Estrogen is one of the female hormones that help regulates a woman’s passage through menstruation, fertility, and menopause. Estrogen is one of the most powerful hormones in the human body. Some 300 different tissues are equipped with estrogen receptors-chemical sites that make the tissues responsive to estrogen. That means that estrogen levels in the body can affect a wide range of tissues and organs, from the brain to the liver and to the bones themselves. The uterus, urinary tract, breasts, skin, and blood vessels depend on estrogen to stay toned and flexible.
Although we are used to thinking of menarche (the onset of menstruation and fertility) and menopause (the cessation of menstruation and fertility) as single points in life’s journey, they are actually more like peaks and valleys. Estrogen levels start to rise well before menarche, as early as age eight in some girls. The hypothalamus is the prime mover in this process, signaling the pituitary to release hormones; the pituitary, in turn, signals the ovaries to produce more estrogen.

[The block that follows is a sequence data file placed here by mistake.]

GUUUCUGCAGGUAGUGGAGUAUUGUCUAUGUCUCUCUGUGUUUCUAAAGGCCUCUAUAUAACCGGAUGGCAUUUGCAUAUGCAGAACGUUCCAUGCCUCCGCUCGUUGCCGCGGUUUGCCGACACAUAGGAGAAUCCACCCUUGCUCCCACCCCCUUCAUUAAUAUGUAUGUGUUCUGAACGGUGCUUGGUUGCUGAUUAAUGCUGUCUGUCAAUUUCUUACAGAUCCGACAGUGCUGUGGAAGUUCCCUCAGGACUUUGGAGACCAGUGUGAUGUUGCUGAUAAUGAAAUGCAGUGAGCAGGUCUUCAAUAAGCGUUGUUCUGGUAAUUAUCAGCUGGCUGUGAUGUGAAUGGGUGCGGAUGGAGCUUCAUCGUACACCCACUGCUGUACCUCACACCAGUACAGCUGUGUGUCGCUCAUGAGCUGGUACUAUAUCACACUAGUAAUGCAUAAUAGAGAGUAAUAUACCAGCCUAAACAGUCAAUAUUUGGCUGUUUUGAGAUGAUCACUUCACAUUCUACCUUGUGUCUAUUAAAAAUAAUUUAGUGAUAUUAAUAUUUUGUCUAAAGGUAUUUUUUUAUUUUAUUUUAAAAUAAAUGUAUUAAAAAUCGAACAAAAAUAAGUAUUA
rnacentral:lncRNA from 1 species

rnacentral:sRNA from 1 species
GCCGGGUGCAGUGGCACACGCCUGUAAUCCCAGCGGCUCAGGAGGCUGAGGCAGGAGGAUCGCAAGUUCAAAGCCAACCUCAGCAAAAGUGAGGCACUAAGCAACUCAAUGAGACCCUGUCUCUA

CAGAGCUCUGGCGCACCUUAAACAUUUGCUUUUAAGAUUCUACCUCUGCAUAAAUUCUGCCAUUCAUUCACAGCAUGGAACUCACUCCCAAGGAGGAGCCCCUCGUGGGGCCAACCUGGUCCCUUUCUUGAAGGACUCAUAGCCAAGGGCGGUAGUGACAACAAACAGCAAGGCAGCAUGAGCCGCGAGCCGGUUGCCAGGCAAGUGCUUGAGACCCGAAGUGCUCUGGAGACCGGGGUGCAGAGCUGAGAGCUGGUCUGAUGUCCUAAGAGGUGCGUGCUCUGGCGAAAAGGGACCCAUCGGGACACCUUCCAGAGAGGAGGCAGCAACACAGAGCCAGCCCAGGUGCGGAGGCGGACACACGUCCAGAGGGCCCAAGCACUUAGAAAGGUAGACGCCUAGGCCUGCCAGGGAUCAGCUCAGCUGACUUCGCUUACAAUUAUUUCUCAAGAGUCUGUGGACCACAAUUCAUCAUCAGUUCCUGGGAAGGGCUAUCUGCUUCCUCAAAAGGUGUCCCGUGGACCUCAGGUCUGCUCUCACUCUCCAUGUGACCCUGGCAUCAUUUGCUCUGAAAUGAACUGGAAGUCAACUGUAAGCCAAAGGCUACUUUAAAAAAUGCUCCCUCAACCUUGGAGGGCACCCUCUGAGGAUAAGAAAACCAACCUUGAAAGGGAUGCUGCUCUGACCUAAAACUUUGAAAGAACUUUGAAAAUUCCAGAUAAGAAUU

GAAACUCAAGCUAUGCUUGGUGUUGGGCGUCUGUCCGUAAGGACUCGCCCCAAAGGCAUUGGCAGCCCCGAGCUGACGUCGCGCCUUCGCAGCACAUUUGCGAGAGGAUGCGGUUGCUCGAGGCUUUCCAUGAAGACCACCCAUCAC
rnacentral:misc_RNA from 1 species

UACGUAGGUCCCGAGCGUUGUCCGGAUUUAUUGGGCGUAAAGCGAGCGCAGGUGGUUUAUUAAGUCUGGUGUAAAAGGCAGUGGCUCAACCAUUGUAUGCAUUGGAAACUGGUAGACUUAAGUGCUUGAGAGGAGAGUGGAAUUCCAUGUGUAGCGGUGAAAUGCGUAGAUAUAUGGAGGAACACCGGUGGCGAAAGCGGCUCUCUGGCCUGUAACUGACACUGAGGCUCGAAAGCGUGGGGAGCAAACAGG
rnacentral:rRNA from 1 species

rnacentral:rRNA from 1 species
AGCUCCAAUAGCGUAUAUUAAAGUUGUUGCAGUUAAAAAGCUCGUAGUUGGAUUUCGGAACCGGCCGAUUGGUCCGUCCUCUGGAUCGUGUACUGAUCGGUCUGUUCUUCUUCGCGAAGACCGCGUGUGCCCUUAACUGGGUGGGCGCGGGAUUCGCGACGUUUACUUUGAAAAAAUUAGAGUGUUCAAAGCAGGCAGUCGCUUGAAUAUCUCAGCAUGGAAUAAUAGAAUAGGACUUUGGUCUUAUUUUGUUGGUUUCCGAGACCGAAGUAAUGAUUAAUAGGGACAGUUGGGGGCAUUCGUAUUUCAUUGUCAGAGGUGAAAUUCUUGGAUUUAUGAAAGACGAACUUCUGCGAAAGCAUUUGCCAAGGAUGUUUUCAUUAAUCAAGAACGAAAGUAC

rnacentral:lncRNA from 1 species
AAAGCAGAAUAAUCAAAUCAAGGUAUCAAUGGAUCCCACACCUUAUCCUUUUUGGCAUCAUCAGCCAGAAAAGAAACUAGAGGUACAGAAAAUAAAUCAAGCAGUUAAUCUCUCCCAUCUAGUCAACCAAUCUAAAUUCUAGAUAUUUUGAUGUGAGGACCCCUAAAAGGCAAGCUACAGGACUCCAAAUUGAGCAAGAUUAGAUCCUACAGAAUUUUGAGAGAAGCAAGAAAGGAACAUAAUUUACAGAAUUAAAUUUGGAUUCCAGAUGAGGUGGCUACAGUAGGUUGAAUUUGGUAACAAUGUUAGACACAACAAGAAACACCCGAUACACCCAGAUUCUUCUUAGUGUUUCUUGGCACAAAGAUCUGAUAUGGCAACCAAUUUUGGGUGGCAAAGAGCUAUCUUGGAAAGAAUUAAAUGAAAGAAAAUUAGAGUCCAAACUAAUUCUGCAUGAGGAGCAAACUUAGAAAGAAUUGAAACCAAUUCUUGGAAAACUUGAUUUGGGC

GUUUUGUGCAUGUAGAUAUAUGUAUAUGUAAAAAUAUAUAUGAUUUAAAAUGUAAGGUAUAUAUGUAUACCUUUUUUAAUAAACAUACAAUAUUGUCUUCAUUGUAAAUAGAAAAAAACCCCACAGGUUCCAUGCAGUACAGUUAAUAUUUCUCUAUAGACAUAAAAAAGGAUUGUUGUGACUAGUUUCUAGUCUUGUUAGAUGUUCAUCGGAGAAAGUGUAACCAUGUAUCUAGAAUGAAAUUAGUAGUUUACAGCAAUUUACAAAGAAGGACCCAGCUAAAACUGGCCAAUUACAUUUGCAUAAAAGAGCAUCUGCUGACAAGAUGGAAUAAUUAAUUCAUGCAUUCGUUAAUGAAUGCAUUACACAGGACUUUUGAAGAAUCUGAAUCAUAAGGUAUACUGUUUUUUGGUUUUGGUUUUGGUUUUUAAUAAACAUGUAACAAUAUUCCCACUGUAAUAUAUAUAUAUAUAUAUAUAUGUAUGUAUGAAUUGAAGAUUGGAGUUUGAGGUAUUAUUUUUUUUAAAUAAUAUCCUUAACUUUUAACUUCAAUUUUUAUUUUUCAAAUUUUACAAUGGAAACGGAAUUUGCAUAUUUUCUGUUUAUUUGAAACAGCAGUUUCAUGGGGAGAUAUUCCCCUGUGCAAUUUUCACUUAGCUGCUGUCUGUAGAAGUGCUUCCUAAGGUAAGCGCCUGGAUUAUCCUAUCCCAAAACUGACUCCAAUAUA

For three or four years, estrogen levels continue to rise, and by age eleven or twelve, they are sufficiently high (along with other key hormones) to begin the menstruation process. Estrogen also sets off the development of the breasts and the growth of hair under the arms and in the pubic region. The body often responds to this new hormonal activity with confusion: oily hair, acne, budding sexual interest, mood swings, and, sometimes, painful menstrual cramps.